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GOOG Up Against Volatile Tech
Lackluster action abroad, in-line initial jobless claims, and caution ahead of tomorrow’s nonfarm payrolls report have created a mixed morning in trading. That said, the stock market still sports a first quarter gain of more than 5% to date, making it the best first quarter performance since 1998. Shares of GOOG are up strong versus a sideways tech tape. Upcoming catalysts include Android momentum on smartphones and tablets; regaining ground in China and pushing into other emerging markets; updated software, adoption and media partners for Google TV; and progress in other newer initiatives (location-based services, mapping, gaming, etc.). The stock trades at approximately 14x Enterprise Value / EBIT, inexpensive relative to historical trading levels and the broader Internet group.Google Launches Long Awaited Social Search (Business Insider)
Google is launching its much awaited social search service called +1, allowing users with a Google Profile to vote on search results, then will use the votes as a factor in ranking results. Users can see which friends and contacts they’re sharing recommendations with by using the “Social Circle And Content” tab in their Google Dashboard. Comprehensive coverage of the launch:
- Google +1 Going After Facebook And Twitter: +1 buttons will be everywhere you see Facebook “like” buttons and Twitter “re-tweet” buttons today. Assuming Google will use all the recommendations to improve search results and bring content and URLs into some sort of content stream on Google. If Google were really smart, it’d enable +1 recommendations to proliferate users’ Facebook and Twitter streams, too.
- +1 Is Starting Simple: What is it? Not much, and that’s a good thing. Unlike past Google product launches like Google Wave and Google Buzz, there isn’t much that’s complicated or convoluted going on with +1. Google isn’t overpromising, so it can’t really underdeliver.
- Making Search Relevant Again: Google’s new +1 service is not just about taking on Facebook. It’s also a great way for Google to make its search results relevant again, by leveraging social information.
- Leveraging Their Core Asset: Google is now offering the ability to indicate your approval of a search result. Because it’s directly tied to Google’s most powerful asset, the move has some serious legs. Site owners will want to put the +1 button on their sites.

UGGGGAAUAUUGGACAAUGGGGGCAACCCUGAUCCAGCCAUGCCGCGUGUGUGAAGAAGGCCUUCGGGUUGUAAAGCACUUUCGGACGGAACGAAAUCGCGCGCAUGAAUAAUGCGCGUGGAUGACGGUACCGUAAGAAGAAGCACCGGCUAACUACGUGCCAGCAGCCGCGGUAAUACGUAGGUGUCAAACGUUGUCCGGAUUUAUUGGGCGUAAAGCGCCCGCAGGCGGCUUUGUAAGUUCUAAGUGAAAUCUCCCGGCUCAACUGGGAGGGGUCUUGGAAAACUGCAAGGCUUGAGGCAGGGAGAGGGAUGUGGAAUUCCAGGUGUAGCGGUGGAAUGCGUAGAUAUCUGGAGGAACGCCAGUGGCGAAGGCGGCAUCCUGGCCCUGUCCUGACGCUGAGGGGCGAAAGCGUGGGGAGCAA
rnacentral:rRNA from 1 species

Google Plays Russian Roulette With China Mapping Regulation (Bloomberg)
Google defiance of China’s censorship rules resulted in it being pulled out of the country last year. As of yesterday, China’s State Bureau of Surveying and Mapping hadn’t received an application from Google to keep offering its service, as required under regulations. The future of Google Maps in China may be in jeopardy, furthering Google’s dim outlook in the worlds largest Internet market. Not to mention allowing Baidu to widen its lead.
Google Launches In-App Billing, Allowing Potential For More Revenue Generating Apps (GigaOm)
Google launched a long-awaited in-app billing feature for developers who can now add in-app purchases (digital goods, content downloads, additional gaming levels and virtual currency) to Android apps. Following the same model as Apple (which has enabled this since June 2009), Google will earn a 30% cut of in-app purchases. Will Google app revenue payouts rival Apple’s billions? Not likely in the short term. But at least the potential is there.
Grabbing Java Creator Is A Feather In Google’s Cap (eWeek)
Despite the Oracle Android case, bagging Java creator James Gosling is a coup for Google. Google has, for some time, been making lots of moves around Java; from tools and mobile platforms to related languages and research projects. It appears as though Gosling has entered into an open-ended agreement with Google to work on strategic efforts.
Google Can No Longer Use Opt-Out Practices As It Pertains To User Info (The Wall Street Journal)
Google agreed to strict privacy rules in a proposed settlement of government claims that it violated users’ privacy with the Google Buzz fiasco. The proposed settlement with the Federal Trade Commission requires the search giant to develop a “comprehensive privacy program” and to submit to independent privacy audits every two years for the next 20 years. The restrictions could temporarily hamper, Google’s ability to compete with rivals such as Facebook and Apple, which don’t need to seek user permission (opt-out).